Any commodity futures market will have both producers (short hedgers) and purchasers (long hedgers), plus the presence of speculators (liquidity providers). Whether the market is in normal backwardation or in contango at any given moment will depend upon the relative numbers of these factions and which side (short or long) is dominating. “The strong side must pay a premium to induce speculators to enter into enough contracts to balance the “natural” supply of long and short hedgers”

So regarding the recent oil futures volatility and price collapse, the long and short of it is that holders of contracts which obliged them to take physical delivery of oil were panicking and were willing to pay anybody to take the contracts off their hands.
 
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The June/Julys have gone from super contango to backwardation, -0.7 now, any oil watchers here care to comment ?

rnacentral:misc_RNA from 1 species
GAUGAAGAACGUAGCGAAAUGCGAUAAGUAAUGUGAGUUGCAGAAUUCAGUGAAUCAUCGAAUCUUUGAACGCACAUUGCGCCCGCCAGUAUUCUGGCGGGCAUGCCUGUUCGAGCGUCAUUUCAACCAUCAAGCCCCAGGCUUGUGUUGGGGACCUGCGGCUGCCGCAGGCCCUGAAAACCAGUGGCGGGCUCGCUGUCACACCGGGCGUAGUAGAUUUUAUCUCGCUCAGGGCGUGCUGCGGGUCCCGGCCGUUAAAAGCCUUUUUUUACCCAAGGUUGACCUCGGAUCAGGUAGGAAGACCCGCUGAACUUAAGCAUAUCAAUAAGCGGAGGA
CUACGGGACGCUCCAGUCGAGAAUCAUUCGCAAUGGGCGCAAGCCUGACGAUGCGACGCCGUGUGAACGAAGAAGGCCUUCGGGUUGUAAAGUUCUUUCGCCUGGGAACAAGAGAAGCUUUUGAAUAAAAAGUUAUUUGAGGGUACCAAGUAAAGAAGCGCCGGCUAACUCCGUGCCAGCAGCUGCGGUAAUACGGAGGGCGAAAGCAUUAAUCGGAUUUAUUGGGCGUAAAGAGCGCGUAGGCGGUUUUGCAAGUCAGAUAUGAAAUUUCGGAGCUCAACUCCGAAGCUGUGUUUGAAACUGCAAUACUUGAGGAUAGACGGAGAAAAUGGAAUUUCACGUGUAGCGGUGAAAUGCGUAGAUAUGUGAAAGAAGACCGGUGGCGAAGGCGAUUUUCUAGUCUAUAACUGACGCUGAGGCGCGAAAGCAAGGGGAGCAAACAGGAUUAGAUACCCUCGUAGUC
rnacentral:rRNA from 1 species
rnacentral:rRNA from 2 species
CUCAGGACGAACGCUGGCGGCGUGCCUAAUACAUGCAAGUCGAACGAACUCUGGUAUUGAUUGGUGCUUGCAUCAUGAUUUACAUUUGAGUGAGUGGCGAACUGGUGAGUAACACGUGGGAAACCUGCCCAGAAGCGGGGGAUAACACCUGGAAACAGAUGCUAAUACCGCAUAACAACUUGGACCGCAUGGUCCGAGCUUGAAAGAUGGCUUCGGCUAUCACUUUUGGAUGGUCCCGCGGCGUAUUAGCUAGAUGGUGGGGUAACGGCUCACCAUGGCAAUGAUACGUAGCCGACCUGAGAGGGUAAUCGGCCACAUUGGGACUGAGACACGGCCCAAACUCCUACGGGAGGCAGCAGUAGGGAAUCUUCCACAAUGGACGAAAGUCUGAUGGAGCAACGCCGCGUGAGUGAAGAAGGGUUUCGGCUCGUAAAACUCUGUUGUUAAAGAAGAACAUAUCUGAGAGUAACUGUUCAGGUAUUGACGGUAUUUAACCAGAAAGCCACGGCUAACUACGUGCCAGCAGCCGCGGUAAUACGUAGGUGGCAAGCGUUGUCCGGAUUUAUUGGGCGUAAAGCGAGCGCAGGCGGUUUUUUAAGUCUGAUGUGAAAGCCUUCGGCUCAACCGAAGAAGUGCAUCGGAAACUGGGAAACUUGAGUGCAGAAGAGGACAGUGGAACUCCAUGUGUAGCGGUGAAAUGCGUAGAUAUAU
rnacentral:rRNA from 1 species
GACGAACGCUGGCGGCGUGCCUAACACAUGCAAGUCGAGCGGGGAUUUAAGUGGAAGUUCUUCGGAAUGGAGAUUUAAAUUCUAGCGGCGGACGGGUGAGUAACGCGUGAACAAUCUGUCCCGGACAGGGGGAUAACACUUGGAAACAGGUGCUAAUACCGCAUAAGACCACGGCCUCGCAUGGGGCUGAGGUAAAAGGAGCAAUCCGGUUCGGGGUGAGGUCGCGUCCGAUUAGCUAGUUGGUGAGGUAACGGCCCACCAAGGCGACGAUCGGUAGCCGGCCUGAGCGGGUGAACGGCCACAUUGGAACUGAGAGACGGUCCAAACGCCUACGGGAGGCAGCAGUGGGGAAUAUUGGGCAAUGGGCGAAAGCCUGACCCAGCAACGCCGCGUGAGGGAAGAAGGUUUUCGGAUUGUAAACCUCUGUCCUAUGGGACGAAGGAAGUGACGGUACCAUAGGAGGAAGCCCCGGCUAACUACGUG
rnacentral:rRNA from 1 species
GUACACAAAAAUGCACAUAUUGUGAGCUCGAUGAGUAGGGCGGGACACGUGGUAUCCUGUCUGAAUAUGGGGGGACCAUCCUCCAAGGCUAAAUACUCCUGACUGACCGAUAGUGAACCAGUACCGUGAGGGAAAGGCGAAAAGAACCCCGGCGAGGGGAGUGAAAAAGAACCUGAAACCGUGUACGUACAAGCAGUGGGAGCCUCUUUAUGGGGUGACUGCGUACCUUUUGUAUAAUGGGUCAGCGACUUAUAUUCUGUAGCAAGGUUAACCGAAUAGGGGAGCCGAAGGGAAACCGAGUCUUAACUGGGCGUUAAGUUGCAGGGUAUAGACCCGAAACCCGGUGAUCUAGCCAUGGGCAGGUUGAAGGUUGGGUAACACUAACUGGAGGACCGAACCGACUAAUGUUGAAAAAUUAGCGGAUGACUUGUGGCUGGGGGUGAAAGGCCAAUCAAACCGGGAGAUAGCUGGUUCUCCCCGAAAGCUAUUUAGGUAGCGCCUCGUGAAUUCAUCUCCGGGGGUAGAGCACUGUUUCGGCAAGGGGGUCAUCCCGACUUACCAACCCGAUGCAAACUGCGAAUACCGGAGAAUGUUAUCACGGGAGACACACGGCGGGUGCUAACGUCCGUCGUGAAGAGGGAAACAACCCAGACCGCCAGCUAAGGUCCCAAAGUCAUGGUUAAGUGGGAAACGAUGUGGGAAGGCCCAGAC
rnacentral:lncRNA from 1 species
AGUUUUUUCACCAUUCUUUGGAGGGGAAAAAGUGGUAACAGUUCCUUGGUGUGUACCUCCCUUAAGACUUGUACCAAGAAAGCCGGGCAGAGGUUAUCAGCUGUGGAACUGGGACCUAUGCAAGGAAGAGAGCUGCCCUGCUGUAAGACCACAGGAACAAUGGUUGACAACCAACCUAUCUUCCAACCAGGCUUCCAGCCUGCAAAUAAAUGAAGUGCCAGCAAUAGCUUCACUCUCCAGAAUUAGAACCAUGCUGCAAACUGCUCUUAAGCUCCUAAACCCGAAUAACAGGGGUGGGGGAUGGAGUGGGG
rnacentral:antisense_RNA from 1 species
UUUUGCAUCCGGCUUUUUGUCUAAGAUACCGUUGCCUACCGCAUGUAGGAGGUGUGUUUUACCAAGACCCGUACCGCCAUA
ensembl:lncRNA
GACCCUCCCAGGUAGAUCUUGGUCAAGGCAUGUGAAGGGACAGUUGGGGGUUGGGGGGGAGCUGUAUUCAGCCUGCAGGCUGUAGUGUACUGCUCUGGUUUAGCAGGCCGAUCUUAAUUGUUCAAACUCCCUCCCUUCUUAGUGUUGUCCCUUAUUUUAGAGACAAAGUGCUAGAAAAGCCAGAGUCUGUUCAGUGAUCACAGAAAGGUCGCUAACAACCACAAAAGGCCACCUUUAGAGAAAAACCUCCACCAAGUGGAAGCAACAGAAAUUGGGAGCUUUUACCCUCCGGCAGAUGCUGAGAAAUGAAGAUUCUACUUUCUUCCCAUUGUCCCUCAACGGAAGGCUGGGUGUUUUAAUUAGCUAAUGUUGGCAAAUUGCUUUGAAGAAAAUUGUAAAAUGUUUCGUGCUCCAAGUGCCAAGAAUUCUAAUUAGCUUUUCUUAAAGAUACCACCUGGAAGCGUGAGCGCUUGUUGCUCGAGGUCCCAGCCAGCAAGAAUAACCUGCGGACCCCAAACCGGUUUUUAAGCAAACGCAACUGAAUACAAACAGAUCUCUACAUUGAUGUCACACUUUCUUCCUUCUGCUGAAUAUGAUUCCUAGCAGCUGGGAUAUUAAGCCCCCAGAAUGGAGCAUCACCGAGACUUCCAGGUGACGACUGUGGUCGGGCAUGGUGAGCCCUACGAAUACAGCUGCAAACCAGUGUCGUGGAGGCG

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Are we going to see a short squeeze tonight on the expiry, My guess is all the dumb money piled onto the short side expecting another repeat of last month ??

My perspective as a casual observer !
 
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Been following closely.
I purchased $10,000 of the OOO ETF on the ASX @ 2.90 (as mentioned in another thread).
Now it's around 3.85 and should continue up on Monday following the WTI performance Friday night.

Watched closely and saw the super contango disappear.

With WTI at 39.55, I'm expecting some consolidation from here.

Will continue to monitor closely.